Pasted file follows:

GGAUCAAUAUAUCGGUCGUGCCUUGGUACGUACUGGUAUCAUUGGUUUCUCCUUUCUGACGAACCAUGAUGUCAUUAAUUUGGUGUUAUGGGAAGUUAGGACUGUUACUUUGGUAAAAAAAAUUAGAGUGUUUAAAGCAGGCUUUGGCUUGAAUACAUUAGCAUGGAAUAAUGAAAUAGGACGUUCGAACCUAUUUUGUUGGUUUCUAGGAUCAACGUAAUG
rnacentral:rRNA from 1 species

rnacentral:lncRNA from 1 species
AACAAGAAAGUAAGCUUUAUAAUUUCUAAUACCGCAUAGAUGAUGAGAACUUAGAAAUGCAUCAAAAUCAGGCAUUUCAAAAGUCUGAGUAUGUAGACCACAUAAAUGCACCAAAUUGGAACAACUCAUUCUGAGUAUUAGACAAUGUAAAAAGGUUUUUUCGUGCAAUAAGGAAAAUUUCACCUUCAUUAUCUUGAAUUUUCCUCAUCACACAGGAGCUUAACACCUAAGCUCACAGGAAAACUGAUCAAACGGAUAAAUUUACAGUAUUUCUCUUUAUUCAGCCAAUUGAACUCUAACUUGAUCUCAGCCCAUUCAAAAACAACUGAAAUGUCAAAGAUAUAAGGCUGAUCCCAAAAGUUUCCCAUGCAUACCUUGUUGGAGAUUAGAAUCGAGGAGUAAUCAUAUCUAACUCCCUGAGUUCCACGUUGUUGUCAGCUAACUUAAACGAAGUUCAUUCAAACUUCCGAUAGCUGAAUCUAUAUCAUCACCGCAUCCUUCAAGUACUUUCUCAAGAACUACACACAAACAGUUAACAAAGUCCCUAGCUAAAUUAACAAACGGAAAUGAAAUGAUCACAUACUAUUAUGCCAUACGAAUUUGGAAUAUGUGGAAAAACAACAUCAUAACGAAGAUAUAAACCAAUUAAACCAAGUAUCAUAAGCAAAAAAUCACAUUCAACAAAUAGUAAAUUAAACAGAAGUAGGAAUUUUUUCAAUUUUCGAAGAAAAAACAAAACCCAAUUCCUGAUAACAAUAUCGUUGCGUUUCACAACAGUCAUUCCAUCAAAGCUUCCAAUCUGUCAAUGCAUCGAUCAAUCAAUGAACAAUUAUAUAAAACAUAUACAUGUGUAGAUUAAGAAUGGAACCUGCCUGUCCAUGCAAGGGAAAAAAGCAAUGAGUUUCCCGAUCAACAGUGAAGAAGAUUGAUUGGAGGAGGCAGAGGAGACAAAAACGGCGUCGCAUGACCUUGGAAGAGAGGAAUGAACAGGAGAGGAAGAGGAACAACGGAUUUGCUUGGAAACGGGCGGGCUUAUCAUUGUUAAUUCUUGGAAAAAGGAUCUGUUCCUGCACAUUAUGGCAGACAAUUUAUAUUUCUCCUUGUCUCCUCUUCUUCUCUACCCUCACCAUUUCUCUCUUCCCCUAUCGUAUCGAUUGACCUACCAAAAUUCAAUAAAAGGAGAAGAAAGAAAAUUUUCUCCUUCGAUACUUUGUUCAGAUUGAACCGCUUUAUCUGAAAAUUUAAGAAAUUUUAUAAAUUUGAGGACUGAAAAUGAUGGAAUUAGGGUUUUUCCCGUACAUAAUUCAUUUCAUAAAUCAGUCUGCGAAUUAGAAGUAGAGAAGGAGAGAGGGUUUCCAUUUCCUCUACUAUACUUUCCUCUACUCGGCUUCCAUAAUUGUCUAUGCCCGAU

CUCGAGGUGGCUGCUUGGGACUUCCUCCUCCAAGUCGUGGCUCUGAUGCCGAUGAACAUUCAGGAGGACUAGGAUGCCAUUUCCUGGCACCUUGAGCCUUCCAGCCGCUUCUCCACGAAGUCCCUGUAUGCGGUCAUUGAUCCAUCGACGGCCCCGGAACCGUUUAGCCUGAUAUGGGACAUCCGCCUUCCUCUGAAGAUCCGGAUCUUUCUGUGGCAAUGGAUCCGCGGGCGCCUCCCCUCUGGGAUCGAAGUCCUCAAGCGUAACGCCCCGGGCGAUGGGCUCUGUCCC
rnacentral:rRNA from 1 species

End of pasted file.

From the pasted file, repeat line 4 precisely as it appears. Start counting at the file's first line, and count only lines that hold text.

AACAAGAAAGUAAGCUUUAUAAUUUCUAAUACCGCAUAGAUGAUGAGAACUUAGAAAUGCAUCAAAAUCAGGCAUUUCAAAAGUCUGAGUAUGUAGACCACAUAAAUGCACCAAAUUGGAACAACUCAUUCUGAGUAUUAGACAAUGUAAAAAGGUUUUUUCGUGCAAUAAGGAAAAUUUCACCUUCAUUAUCUUGAAUUUUCCUCAUCACACAGGAGCUUAACACCUAAGCUCACAGGAAAACUGAUCAAACGGAUAAAUUUACAGUAUUUCUCUUUAUUCAGCCAAUUGAACUCUAACUUGAUCUCAGCCCAUUCAAAAACAACUGAAAUGUCAAAGAUAUAAGGCUGAUCCCAAAAGUUUCCCAUGCAUACCUUGUUGGAGAUUAGAAUCGAGGAGUAAUCAUAUCUAACUCCCUGAGUUCCACGUUGUUGUCAGCUAACUUAAACGAAGUUCAUUCAAACUUCCGAUAGCUGAAUCUAUAUCAUCACCGCAUCCUUCAAGUACUUUCUCAAGAACUACACACAAACAGUUAACAAAGUCCCUAGCUAAAUUAACAAACGGAAAUGAAAUGAUCACAUACUAUUAUGCCAUACGAAUUUGGAAUAUGUGGAAAAACAACAUCAUAACGAAGAUAUAAACCAAUUAAACCAAGUAUCAUAAGCAAAAAAUCACAUUCAACAAAUAGUAAAUUAAACAGAAGUAGGAAUUUUUUCAAUUUUCGAAGAAAAAACAAAACCCAAUUCCUGAUAACAAUAUCGUUGCGUUUCACAACAGUCAUUCCAUCAAAGCUUCCAAUCUGUCAAUGCAUCGAUCAAUCAAUGAACAAUUAUAUAAAACAUAUACAUGUGUAGAUUAAGAAUGGAACCUGCCUGUCCAUGCAAGGGAAAAAAGCAAUGAGUUUCCCGAUCAACAGUGAAGAAGAUUGAUUGGAGGAGGCAGAGGAGACAAAAACGGCGUCGCAUGACCUUGGAAGAGAGGAAUGAACAGGAGAGGAAGAGGAACAACGGAUUUGCUUGGAAACGGGCGGGCUUAUCAUUGUUAAUUCUUGGAAAAAGGAUCUGUUCCUGCACAUUAUGGCAGACAAUUUAUAUUUCUCCUUGUCUCCUCUUCUUCUCUACCCUCACCAUUUCUCUCUUCCCCUAUCGUAUCGAUUGACCUACCAAAAUUCAAUAAAAGGAGAAGAAAGAAAAUUUUCUCCUUCGAUACUUUGUUCAGAUUGAACCGCUUUAUCUGAAAAUUUAAGAAAUUUUAUAAAUUUGAGGACUGAAAAUGAUGGAAUUAGGGUUUUUCCCGUACAUAAUUCAUUUCAUAAAUCAGUCUGCGAAUUAGAAGUAGAGAAGGAGAGAGGGUUUCCAUUUCCUCUACUAUACUUUCCUCUACUCGGCUUCCAUAAUUGUCUAUGCCCGAU